I posted recently on theological education and explored the importance of attending to the thoughts of others. I am continuing that line of thought here, and I want to look at an essay by Simone Weil (“Reflections on the Right Use of School Studies with a View to the Love of God” in Waiting for God (pp. 57-66).
Weil suggests that giving our attention to academic studies forms and cultivates our capacities for loving God. Whether it be geometry or Latin, training my attention upon the subject develops my capacity for attending to God in prayer. This makes sense because, for Weil, prayer consists of attention: “the orientation of all the attention of which the soul is capable toward God.”
In other words, attention is like a necessary muscle for prayer, and academic studies train that muscle through requiring me to give my attention to various tasks. So, the value of academic study related to prayer is simply that it cultivates my capacity to give attention to God.
This adds a spiritual dimension to our discussion about the place of careful, patient, and deliberate attention to the thoughts of others in the process of theological education. For Weil, a Christian view of studies will define the ultimate purpose of study as training in the love of God, and it will therefore understand activities that require attention as opportunities to develop the capacities necessary for that end.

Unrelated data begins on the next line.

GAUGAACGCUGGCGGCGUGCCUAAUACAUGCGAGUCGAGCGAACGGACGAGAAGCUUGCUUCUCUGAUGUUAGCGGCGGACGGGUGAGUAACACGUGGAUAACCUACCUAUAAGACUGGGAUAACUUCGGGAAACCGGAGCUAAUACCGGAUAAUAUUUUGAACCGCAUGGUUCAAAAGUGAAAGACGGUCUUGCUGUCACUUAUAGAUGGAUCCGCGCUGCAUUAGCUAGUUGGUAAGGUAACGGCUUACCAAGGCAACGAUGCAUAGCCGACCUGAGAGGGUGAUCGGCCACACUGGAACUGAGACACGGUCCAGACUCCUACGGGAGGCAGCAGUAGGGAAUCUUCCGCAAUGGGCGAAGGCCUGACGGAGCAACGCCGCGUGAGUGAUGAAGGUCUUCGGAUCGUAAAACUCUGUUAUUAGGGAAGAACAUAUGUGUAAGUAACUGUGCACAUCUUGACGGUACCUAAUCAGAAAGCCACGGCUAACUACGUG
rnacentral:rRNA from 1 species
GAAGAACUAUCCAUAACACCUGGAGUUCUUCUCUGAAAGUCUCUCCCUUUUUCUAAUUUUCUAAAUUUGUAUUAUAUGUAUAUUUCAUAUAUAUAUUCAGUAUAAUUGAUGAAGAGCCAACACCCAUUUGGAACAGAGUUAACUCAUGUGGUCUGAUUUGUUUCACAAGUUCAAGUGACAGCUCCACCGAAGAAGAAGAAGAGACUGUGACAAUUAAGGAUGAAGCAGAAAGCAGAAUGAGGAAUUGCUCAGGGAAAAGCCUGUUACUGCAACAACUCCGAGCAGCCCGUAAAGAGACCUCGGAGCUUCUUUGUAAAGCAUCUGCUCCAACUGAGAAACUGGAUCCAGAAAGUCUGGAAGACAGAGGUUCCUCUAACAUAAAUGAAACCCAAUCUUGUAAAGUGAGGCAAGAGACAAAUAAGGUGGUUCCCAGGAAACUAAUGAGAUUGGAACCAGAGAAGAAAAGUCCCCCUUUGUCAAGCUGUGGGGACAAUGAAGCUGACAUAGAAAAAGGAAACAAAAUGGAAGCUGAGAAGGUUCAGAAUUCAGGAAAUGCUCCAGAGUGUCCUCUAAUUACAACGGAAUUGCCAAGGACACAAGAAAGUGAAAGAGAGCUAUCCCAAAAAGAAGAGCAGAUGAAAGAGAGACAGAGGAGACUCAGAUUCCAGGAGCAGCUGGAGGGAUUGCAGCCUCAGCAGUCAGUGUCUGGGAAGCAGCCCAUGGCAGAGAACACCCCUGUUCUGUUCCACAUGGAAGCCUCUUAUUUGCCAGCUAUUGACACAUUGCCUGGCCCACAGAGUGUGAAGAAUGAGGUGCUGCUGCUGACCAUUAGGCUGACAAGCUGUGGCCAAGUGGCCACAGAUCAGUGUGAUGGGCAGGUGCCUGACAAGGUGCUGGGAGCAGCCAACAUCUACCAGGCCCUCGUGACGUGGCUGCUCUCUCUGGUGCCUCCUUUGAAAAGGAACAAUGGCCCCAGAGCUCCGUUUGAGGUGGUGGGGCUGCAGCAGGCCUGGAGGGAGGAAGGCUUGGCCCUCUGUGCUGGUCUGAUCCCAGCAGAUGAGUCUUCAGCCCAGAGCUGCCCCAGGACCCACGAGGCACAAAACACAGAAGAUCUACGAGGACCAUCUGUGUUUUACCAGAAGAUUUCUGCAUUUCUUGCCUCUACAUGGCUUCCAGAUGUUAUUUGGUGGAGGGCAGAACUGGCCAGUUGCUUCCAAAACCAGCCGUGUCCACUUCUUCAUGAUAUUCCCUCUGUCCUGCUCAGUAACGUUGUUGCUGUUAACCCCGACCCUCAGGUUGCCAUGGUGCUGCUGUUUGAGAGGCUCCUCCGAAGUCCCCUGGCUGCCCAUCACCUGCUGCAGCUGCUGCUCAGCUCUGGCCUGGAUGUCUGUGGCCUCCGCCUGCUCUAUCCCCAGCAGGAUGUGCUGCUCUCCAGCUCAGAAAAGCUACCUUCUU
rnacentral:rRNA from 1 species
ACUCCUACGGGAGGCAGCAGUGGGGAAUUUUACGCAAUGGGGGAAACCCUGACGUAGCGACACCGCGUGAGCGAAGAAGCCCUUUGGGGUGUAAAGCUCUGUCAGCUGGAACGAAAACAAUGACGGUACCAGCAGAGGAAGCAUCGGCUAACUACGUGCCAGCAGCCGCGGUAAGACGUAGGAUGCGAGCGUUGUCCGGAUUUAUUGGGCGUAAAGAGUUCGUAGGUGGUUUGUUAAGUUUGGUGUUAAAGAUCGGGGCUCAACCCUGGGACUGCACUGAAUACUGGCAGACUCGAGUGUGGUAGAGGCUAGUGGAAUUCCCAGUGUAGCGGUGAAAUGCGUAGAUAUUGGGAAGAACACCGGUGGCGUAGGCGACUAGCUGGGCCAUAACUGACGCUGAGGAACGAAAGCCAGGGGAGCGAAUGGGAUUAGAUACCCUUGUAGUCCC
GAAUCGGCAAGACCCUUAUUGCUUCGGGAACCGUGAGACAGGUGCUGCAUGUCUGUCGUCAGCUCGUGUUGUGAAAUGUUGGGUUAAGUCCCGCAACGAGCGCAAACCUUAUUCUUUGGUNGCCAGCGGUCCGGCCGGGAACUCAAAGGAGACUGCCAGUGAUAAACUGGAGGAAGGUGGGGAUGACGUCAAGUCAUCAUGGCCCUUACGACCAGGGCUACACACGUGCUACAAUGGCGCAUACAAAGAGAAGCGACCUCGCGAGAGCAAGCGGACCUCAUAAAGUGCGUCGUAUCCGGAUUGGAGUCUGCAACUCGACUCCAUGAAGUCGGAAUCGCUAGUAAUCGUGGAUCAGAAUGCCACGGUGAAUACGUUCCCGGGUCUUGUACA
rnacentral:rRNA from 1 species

For example, what might working hard on a geometry problem have to do with prayer? Weil explains,
If we have no aptitude or natural taste for geometry, this does not mean that our faculty for attention will not be developed by wrestling with a problem or studying a theorem. On the contrary, it is almost an advantage.
It does not even matter much whether we succeed in finding the solution or understanding the proof, although it is important to try really hard to do so. Never in any case whatever is a genuine effort of the attention wasted. It always has its effect on the spiritual plane and in consequence on the lower one of the intelligence, for all spiritual light lightens the mind.
If we concentrate our attention on trying to solve a problem of geometry, and if at the end of an hour we are no nearer to doing so than at the beginning, we have nevertheless been making progress each minute of that hour in another more mysterious dimension. Without our knowing or feeling it, this apparently barren effort has brought more light into the soul. The result will one day be discovered in prayer. Moreover, it may very likely be felt in some department of the intelligence in no way connected with mathematics. Perhaps he who made the unsuccessful effort will one day be able to grasp the beauty of a line of Racine more vividly on account of it. But it is certain that this effort will bear its fruit in prayer. There is no doubt whatever about that.
This shifts the motivation and intention of studies as well: